Watch: Sargassum returns to Tobago; THA activates response team
Photo courtesy the Tobago House of Assembly, Division Infrastructure, Quarries and the Environment/Facebook.
The Tobago House of Assembly (THA) Division of Division Infrastructure, Quarries and the Environment said it is prepared to deal with this year's visitation of Sargassum seaweed, as video footage shared online showed seaweed along Tobago's shores affecting wildlife.
Videos shared via social media showed fishermen and others wading in Sargassum seaweed, some of which was so thick that fish became trapped in it.
Facebook user Gilson Timeless Smith shared video footage showing fish trapped by the heavy deposits of seaweed at King's Bay, Tobago:
The Tobago Emergency Management Agency said the THA's Sargassum Management Committee has been activated to deal with the issue, and the Division issued a statement saying they are prepared to handle the matter.
"Whilst the nation continues to observe COVID-19 restrictions, the return of Sargassum Seaweed is engaging the attention of the Tobago House of Assembly’s Sargassum Management Committee."
"Based on an initial assessment, significant quantities of sargassum were observed today in nearshore areas, particularly in Lambeau and Scarborough. Spring tide is likely to facilitate the breakup, burying and transfer of the material."
Howard Robin, Climate Change Specialist at Coastal Zone Management Unit (DIQE), Tobago, said the THA has developed a Sargassum Management Plan.
Robin said: “The expectation, based on the Sargassum Sub Regional Outlook Bulletin March 2020, is that Southern Caribbean islands would have a higher influx of Sargassum than normal from March to May. The situation is concerning but it's too early to make any pronouncement of possible interventions; however, we are ready.”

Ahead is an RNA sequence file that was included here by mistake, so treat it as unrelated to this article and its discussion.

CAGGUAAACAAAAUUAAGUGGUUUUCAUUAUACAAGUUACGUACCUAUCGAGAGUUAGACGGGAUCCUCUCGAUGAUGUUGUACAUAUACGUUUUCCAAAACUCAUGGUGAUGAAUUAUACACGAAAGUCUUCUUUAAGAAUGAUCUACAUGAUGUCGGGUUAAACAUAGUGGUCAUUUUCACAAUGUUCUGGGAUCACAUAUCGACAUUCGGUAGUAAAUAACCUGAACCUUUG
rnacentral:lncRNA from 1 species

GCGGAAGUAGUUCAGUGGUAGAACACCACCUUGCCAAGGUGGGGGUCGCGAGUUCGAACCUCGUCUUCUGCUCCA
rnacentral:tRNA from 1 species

TEMA said the Management Committee will continue to monitor the entire Atlantic Coast inclusive of Hope Bay, Delaford Bay and King’s Bay and other affected areas, with a view to responding appropriately if required and the public will be advised where necessary.
TEMA has advised the public to exercise caution around affected coastlines:
"The Tobago Emergency Management Agency (TEMA) advises the public to be cautious while in and around the Atlantic coastline, specifically Scarborough and Lambeau, as we are receiving reports that sagassum is significantly affecting these coast lines.
"Sargassum seaweed has a strong odour and insects may be present. However, Sargassum seeweed does not sting or irritate skin, nor is the odour toxic."
"Citizens, tourists and all marine interests are urged to be vigilant and exercise caution when on the nation’s beaches and venturing out to sea. The relevant authorities are monitoring the situation and will issue further advisories as necessary."